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World powers urge permanent ceasefire in Libya - UN Chief

Still no "serious dialogue" between warring Libyan leaders, says Russian FM Lavrov

Macron urges end to deployment of pro-Turkish Syrian fighters to Libya



Berlin (AFP) – World powers pledged Sunday to “refrain from interference” in Libya’s war, vowing to uphold a weapons embargo during a summit in Berlin.

“All participants committed to refrain from interferences in the armed conflict or internal affairs in Libya,” UN chief Antonio Guterres said, while Chancellor Angela Merkel added that there was also “agreement that we want to respect a weapons embargo that will be strongly controlled.”

A high-stakes Berlin peace summit failed to launch "a serious" dialogue between Libya's warring leaders, Russian Foreign Minister Sergei Lavrov said Sunday, after Commander of Libyan National Army Khalifa Haftar and his rival Fayez al-Sarraj both travelled to Germany but did not meet face to face.

"It is clear that we have not yet succeeded in launching a serious and stable dialogue between them," Lavrov told reporters after the Berlin conference. Nevertheless, the Libyan parties had taken "a small step" forward, he added.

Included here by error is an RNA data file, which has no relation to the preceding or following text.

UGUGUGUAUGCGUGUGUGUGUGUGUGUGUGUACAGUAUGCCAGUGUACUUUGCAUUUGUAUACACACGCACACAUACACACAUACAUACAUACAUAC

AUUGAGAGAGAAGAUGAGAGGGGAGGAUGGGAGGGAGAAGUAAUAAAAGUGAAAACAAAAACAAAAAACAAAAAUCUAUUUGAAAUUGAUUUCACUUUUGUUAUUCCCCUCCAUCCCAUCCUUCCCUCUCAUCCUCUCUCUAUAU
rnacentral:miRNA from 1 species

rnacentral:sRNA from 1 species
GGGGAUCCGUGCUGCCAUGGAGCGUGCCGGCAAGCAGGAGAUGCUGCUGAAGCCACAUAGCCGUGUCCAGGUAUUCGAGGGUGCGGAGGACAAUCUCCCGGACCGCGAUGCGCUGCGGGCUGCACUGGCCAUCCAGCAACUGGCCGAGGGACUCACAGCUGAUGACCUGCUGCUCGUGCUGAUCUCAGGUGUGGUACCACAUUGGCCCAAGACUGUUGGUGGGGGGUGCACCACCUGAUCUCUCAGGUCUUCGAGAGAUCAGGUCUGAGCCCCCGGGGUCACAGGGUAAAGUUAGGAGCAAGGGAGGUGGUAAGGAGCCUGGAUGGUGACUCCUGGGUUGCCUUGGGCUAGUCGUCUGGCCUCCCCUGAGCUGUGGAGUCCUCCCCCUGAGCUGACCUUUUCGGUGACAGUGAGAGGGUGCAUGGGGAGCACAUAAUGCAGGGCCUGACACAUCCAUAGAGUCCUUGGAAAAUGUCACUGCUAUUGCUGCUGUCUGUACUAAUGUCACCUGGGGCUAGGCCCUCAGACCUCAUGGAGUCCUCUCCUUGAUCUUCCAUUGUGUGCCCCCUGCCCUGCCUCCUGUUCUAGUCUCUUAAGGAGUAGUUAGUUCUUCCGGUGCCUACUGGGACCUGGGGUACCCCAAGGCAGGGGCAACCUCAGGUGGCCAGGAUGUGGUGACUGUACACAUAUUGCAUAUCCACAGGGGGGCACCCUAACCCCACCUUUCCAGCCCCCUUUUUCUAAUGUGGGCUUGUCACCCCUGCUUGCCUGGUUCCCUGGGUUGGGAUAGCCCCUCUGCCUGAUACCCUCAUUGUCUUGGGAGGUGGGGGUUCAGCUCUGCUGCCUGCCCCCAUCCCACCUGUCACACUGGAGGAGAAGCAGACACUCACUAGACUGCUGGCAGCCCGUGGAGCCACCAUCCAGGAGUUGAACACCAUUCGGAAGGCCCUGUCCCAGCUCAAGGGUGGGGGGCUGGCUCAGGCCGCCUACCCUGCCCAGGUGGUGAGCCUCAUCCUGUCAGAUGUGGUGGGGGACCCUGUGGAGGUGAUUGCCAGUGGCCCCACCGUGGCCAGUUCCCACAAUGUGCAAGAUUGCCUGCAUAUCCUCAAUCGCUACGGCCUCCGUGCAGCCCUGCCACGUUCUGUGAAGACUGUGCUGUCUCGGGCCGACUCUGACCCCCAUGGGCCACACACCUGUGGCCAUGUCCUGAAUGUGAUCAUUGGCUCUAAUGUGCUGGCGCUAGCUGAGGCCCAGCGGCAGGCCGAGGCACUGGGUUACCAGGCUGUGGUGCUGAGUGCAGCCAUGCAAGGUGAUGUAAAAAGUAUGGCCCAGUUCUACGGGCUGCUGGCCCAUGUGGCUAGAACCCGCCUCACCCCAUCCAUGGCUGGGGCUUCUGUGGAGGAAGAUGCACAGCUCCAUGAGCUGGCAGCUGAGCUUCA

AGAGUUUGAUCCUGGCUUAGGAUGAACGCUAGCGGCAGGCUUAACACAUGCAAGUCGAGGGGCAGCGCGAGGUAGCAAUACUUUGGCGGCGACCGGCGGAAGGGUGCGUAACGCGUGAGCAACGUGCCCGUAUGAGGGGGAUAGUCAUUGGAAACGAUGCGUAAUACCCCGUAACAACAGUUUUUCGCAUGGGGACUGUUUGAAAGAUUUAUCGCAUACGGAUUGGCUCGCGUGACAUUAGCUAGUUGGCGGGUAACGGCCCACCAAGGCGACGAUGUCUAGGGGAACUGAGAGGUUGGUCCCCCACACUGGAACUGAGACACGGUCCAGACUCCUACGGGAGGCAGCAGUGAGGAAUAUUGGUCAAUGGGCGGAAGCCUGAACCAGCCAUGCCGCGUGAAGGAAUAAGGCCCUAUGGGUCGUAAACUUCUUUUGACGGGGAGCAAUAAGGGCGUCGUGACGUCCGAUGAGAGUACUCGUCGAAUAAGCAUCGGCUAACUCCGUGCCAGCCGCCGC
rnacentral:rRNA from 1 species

France's President Emmanuel Macron hits out against foreign troop deployments in war-ravaged Libya, saying such intervention serves only to fuel the conflict and create new risks for everyone.

Speaking in Berlin at a summit intended to resolve the bloody stalemate in the North African oil rich nation, the French leader expressed his "acute concerns over the arrival of Syrian and foreign fighters in the city of Tripoli". He says such intervention must end.

The Turkish authorities in Ankara have been accused of sending hundreds of Syrian fighters into Tripoli to back up Fayez al-Sarraj's UN-recognised government, while Moscow has allegedly deployed mercenaries to lend support to rival strongman Khalifa Haftar.

As the conference opened, the French leader called on the United Nations to negotiate a true and lasting ceasefire, without demanding any initial conditions from the various factions involved in the conflict.

UK Prime Minister Boris Johnson said the aim of the Berlin conference was to "stop this jockeying for position".

"The people of Libya have suffered enough," he said as he arrived on Sunday. "It's time for the country to move forward."


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